Board of Selectmen votes to recommend ‘Hospitality’ district

Mar 24, 2021

The Board of Selectmen voted at their March 24 meeting to recommend the passage of all the articles that will be up for votes at the April 10 Special Town Meetings, including the Notos Group’s “Hospitality, Recreation, and Entertainment District.” 

The Notos Group’s proposed rezoning of land between Glen Charlie Rd. and Rte. 25 to create a mixed-use district for large developments of at least 100 acres was a complicated topic.

“This is obviously a very controversial article,” said Selectman Alan Slavin. But Slavin said that he trusts various governing bodies -- including local boards and federal and state regulators -- to ensure that the land is protected and any projects will not be harmful to the town. 

Selectman Jim Munise was more trepidatious. 

“All I know is you don’t know what you don’t know until you find out after that maybe we shouldn’t have done it,” Munise said. 

Munise added that he thought the land, particularly that which was mined by the Graziano gravel company, would be a great location for a solar field.

“I obviously am in favor of this,” said Selectman Judith Whiteside, who emphasized that there would be a number of authorities regulating any potential development and that there are no current plans for the property.

Selectman Peter Teitelbaum said that he is hopeful that under the Biden administration, spending on infrastructure would increase.
“I think we need to have something in place so if and when Congress gets off their butts and tries to pass an infrastructure bill, we’re ready to try to take advantage of it,” Teitelbaum said. “I understand there’s some uncertainty here, and for some people it will take a leap of faith, but as Alan and Patrick reiterated, it would go through multiple levels of checks and balances, reviews, demands for environmental reports and monitoring and everything else. So that’s why I’m willing to roll the dice on this.” 

At the beginning of the meeting, Selectman Patrick Tropeano expressed frustration with the environmental concerns many people have expressed about the rezoning proposal. In comments that prompted some to accuse him of racism, Tropeano specifically accused the Wampanoags who have raised environmental concerns of hypocrisy and being illogical.

Tropeano said that when a Wampanoag tribe proposed a large project for the land in 2003, the Board of Selectmen supported that proposal, which would not be regulated in the same way as other developments because it would have been on tribal land. That project fell through. 

Tropeano went on to argue that because the land is currently covered with litter, environmental concerns about future development are moot. 

“All of this stuff that people say about whatever is all just feel-good stuff,” Tropeano said. “It’s all just personal thought. It doesn’t mean anything to fact. Fact is what matters.”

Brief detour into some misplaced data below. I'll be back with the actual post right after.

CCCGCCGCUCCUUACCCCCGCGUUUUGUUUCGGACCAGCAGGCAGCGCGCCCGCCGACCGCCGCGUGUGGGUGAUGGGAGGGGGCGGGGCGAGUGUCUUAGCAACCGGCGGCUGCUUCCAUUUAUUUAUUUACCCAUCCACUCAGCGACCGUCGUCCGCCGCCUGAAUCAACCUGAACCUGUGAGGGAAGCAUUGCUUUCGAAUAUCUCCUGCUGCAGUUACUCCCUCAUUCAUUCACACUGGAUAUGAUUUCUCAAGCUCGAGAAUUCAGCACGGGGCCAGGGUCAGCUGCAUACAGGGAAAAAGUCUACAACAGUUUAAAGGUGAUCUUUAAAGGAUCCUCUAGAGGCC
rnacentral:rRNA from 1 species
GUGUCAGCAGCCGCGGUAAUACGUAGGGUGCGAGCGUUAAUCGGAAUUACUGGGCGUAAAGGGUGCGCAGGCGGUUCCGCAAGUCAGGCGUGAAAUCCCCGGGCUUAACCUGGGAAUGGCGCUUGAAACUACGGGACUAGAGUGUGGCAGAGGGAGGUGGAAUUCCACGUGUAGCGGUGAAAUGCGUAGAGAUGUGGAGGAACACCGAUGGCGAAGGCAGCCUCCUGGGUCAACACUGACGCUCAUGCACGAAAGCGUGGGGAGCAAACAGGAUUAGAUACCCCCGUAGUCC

Tropeano said that the Wampanoags’ proposal for the land decades ago made their present-day opposition hypocritical. 

“And by the way, like I’m saying, in March of 2003, it would have been a different story. And nobody was complaining then, by the way. They were all happy. All the Indians and everybody were all happy about it,” Tropeano said. “But yet, today, it’s not good for somebody else. I don’t get that. I don’t understand it. It’s hypocritical, if you ask me. And I just want everybody to be aware that these things need to be looked at with eyes wide open and not necessarily listening to people with a heart on your sleeve.”
Slavin, Tropeano, Teitelbaum, and Whiteside voted to recommend the article’s passage, while Munise voted against it. 

The board was unanimous in its support of two articles related to Westfield. One would give the board the power to lease land at Westfield for a term of up to thirty years. Westfield currently hosts the Wareham Girls Softball and Wareham Youth Soccer fields.

The Wareham Tigers youth football and cheerleading program has requested the use of the property for a complex that would include several fields and a gymnasium.

Back in 2010, Town Meeting attendees approved an article that restricted a portion of the Westfield property for senior housing. However, Sullivan said that the town put out two requests for proposals for developers, and there was no interest in senior housing at the site, due in part to the lack of sewer access.

Therefore, Town Meeting voters will need to first vote to override that 2010 article before offering a lease.

The lease would need to be given through a bid process, so it is not guaranteed that the Tigers will secure the land.